3. External factors

Sometimes burnout can happen due to factors outside of an organization. Dealing with an ill family member, a new baby, or even something like searching for a new place to live can all add stress to the workplace for employees. Many of these stresses can be short-term (which means they won’t develop into burnout) and as they aren’t always related to the job, may not have as much of an effect as stressors related directly to the job. Still, there are situations where these external factors develop into on-the-job burnout.

Organizations are always limited in how they can impact external stressors, but it’s important to be aware that they exist, and if an employee shares a situation with you, providing flexibility within the job can go a long way with employees. Of course, the pandemic has provided the ultimate external stressor, not only from the way it has impacted how work is conducted but also how individuals live their day-to-day lives.

While these are some of the top factors for employee burnout, there are many others. No matter what’s causing employee burnout, if you can recognize and deal with it before it reaches its peak you’ll not only be more likely to retain your employees but build loyalty and trust with them.

How to Spot Employee Burnout & What to Do When You Recognize it

Employee burnout can be difficult to spot, primarily because it looks the same as an unproductive employee. A burnt-out employee is disengaged and unmotivated, which is reflected in the quality of their work. Pay particular attention if a normally exemplar employee suddenly produces less or not as high-quality work. Here are some signs to look for:

1. Decreased levels of engagement

To spot employee burnout, you need to be familiar with your employees and how they operate. Some employees will naturally be more outspoken than others. Other employees are better at recognizing issues and taking the initiative to solve them. Constantly evaluate employees and look for any decreases in their normal levels of engagement. This could be an indicator of extra stress, a lack of focus, or being overworked, which can all lead to burnout.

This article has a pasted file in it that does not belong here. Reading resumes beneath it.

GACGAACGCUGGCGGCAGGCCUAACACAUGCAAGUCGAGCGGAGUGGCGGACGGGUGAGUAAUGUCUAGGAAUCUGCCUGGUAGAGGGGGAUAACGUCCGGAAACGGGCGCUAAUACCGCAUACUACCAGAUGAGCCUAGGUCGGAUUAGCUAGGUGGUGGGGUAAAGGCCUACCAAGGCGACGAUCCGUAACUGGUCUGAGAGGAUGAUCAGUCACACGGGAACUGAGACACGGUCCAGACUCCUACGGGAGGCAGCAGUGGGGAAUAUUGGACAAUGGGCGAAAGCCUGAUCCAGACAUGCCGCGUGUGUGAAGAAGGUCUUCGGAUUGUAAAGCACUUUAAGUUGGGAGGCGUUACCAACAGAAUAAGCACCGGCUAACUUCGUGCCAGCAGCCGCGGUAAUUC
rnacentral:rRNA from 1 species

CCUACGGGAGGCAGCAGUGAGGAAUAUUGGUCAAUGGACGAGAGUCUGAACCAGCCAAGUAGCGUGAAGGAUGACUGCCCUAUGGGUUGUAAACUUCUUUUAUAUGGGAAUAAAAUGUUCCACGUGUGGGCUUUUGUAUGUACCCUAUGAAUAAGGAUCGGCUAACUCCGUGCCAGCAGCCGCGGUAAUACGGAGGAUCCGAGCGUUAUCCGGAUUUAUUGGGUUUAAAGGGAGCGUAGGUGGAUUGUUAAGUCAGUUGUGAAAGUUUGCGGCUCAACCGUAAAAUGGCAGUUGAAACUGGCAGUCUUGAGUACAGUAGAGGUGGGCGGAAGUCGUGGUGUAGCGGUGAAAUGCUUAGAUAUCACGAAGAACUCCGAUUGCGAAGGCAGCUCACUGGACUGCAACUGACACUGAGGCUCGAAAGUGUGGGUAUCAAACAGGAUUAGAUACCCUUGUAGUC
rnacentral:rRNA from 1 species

2. Increase in missed workdays

Life happens, and employees should be encouraged to use their sick days and paid time off. However, time away can be a way to cope when an employee feels overwhelmed at work. While it could be external factors versus job stressors that are leading to the time off, keep in mind that external factors can still lead to issues on the job. Check-in regularly with employees about their workload and stress levels.

3. Late or missed tasks and assignments

Any signs of a decreased quality of work should be a red flag for managers. Assignments that are consistently completed late or missing can be an indicator that an employee is overwhelmed or simply disengaged and unmotivated.

With any of these issues, it is tempting for employers to sever ties with an employee. An employee that isn’t completing work or contributing to the organization puts managers in a difficult situation. However, as a first step, it is more beneficial to dig into what is going on with the employee versus immediately firing them. If it is a matter of the employee being overworked, a lack of clarity, or one of the many other reasons that lead to burnout then you may be parting with an individual that can still be a valuable member of your team.